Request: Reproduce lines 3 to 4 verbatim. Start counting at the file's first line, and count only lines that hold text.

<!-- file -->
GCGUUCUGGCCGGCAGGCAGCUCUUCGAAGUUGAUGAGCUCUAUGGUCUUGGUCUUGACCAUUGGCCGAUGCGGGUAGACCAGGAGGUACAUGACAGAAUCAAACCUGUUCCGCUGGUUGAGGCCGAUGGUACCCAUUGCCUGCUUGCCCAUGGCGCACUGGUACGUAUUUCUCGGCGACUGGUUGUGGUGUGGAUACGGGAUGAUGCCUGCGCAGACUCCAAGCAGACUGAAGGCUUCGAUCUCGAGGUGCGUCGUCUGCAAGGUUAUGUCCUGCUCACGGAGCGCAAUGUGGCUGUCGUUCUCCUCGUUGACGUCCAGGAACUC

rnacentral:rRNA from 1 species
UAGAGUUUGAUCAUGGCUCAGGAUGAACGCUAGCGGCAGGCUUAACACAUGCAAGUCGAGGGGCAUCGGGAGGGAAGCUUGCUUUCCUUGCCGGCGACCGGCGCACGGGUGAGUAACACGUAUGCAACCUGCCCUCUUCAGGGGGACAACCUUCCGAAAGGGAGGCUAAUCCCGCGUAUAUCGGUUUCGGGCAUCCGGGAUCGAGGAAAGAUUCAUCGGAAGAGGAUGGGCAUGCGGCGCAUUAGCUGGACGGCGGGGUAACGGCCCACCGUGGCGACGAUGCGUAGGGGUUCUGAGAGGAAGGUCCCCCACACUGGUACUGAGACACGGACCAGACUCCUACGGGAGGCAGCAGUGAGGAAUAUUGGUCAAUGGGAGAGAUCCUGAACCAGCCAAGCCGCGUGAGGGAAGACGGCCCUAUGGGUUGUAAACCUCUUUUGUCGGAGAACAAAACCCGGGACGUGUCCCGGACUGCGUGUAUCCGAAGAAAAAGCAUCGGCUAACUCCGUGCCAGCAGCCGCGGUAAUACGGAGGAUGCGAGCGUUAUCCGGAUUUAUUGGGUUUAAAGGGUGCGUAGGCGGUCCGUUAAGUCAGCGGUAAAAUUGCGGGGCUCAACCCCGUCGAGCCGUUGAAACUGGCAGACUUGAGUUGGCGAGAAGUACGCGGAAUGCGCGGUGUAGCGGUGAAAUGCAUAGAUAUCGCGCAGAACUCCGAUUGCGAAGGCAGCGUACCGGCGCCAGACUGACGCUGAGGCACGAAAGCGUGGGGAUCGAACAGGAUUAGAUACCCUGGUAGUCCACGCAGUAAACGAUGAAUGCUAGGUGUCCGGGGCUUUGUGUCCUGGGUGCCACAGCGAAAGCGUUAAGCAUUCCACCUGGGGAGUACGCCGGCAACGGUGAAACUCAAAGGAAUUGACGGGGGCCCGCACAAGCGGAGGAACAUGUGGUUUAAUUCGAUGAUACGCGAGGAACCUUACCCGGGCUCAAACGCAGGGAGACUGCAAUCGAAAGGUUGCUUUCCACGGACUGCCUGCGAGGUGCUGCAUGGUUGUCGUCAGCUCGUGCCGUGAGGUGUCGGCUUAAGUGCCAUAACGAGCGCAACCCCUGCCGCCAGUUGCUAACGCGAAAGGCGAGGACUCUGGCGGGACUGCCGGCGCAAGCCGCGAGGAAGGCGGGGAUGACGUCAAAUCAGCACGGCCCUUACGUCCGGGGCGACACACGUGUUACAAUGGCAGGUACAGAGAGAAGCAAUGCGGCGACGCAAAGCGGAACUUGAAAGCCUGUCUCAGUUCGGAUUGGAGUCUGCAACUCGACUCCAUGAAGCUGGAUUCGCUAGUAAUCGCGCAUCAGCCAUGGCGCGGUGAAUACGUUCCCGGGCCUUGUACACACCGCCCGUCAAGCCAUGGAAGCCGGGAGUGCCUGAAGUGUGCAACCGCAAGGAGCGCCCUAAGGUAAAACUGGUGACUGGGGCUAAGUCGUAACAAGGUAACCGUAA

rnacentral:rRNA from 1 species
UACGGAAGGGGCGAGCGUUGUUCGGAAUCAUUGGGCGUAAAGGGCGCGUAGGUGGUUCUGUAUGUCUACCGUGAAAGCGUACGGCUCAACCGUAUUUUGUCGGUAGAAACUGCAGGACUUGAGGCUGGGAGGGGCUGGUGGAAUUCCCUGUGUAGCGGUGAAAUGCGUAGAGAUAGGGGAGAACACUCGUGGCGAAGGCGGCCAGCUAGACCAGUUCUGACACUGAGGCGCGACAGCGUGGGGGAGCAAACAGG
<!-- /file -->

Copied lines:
UAGAGUUUGAUCAUGGCUCAGGAUGAACGCUAGCGGCAGGCUUAACACAUGCAAGUCGAGGGGCAUCGGGAGGGAAGCUUGCUUUCCUUGCCGGCGACCGGCGCACGGGUGAGUAACACGUAUGCAACCUGCCCUCUUCAGGGGGACAACCUUCCGAAAGGGAGGCUAAUCCCGCGUAUAUCGGUUUCGGGCAUCCGGGAUCGAGGAAAGAUUCAUCGGAAGAGGAUGGGCAUGCGGCGCAUUAGCUGGACGGCGGGGUAACGGCCCACCGUGGCGACGAUGCGUAGGGGUUCUGAGAGGAAGGUCCCCCACACUGGUACUGAGACACGGACCAGACUCCUACGGGAGGCAGCAGUGAGGAAUAUUGGUCAAUGGGAGAGAUCCUGAACCAGCCAAGCCGCGUGAGGGAAGACGGCCCUAUGGGUUGUAAACCUCUUUUGUCGGAGAACAAAACCCGGGACGUGUCCCGGACUGCGUGUAUCCGAAGAAAAAGCAUCGGCUAACUCCGUGCCAGCAGCCGCGGUAAUACGGAGGAUGCGAGCGUUAUCCGGAUUUAUUGGGUUUAAAGGGUGCGUAGGCGGUCCGUUAAGUCAGCGGUAAAAUUGCGGGGCUCAACCCCGUCGAGCCGUUGAAACUGGCAGACUUGAGUUGGCGAGAAGUACGCGGAAUGCGCGGUGUAGCGGUGAAAUGCAUAGAUAUCGCGCAGAACUCCGAUUGCGAAGGCAGCGUACCGGCGCCAGACUGACGCUGAGGCACGAAAGCGUGGGGAUCGAACAGGAUUAGAUACCCUGGUAGUCCACGCAGUAAACGAUGAAUGCUAGGUGUCCGGGGCUUUGUGUCCUGGGUGCCACAGCGAAAGCGUUAAGCAUUCCACCUGGGGAGUACGCCGGCAACGGUGAAACUCAAAGGAAUUGACGGGGGCCCGCACAAGCGGAGGAACAUGUGGUUUAAUUCGAUGAUACGCGAGGAACCUUACCCGGGCUCAAACGCAGGGAGACUGCAAUCGAAAGGUUGCUUUCCACGGACUGCCUGCGAGGUGCUGCAUGGUUGUCGUCAGCUCGUGCCGUGAGGUGUCGGCUUAAGUGCCAUAACGAGCGCAACCCCUGCCGCCAGUUGCUAACGCGAAAGGCGAGGACUCUGGCGGGACUGCCGGCGCAAGCCGCGAGGAAGGCGGGGAUGACGUCAAAUCAGCACGGCCCUUACGUCCGGGGCGACACACGUGUUACAAUGGCAGGUACAGAGAGAAGCAAUGCGGCGACGCAAAGCGGAACUUGAAAGCCUGUCUCAGUUCGGAUUGGAGUCUGCAACUCGACUCCAUGAAGCUGGAUUCGCUAGUAAUCGCGCAUCAGCCAUGGCGCGGUGAAUACGUUCCCGGGCCUUGUACACACCGCCCGUCAAGCCAUGGAAGCCGGGAGUGCCUGAAGUGUGCAACCGCAAGGAGCGCCCUAAGGUAAAACUGGUGACUGGGGCUAAGUCGUAACAAGGUAACCGUAA

rnacentral:rRNA from 1 species